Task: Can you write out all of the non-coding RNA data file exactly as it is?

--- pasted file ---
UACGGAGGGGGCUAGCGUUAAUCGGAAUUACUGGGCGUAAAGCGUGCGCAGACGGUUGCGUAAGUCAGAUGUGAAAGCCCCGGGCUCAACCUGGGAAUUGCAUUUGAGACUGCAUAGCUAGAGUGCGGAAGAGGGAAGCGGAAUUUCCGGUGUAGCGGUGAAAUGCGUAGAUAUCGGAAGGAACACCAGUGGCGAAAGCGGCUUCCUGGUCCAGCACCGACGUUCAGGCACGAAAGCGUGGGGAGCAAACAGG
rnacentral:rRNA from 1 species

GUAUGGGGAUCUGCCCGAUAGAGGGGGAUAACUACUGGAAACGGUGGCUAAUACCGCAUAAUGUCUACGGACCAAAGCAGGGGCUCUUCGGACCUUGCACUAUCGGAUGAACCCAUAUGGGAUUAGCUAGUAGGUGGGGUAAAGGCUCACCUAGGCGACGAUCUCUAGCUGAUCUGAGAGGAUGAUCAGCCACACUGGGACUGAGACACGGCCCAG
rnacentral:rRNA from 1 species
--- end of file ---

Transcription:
UACGGAGGGGGCUAGCGUUAAUCGGAAUUACUGGGCGUAAAGCGUGCGCAGACGGUUGCGUAAGUCAGAUGUGAAAGCCCCGGGCUCAACCUGGGAAUUGCAUUUGAGACUGCAUAGCUAGAGUGCGGAAGAGGGAAGCGGAAUUUCCGGUGUAGCGGUGAAAUGCGUAGAUAUCGGAAGGAACACCAGUGGCGAAAGCGGCUUCCUGGUCCAGCACCGACGUUCAGGCACGAAAGCGUGGGGAGCAAACAGG
rnacentral:rRNA from 1 species

GUAUGGGGAUCUGCCCGAUAGAGGGGGAUAACUACUGGAAACGGUGGCUAAUACCGCAUAAUGUCUACGGACCAAAGCAGGGGCUCUUCGGACCUUGCACUAUCGGAUGAACCCAUAUGGGAUUAGCUAGUAGGUGGGGUAAAGGCUCACCUAGGCGACGAUCUCUAGCUGAUCUGAGAGGAUGAUCAGCCACACUGGGACUGAGACACGGCCCAG
rnacentral:rRNA from 1 species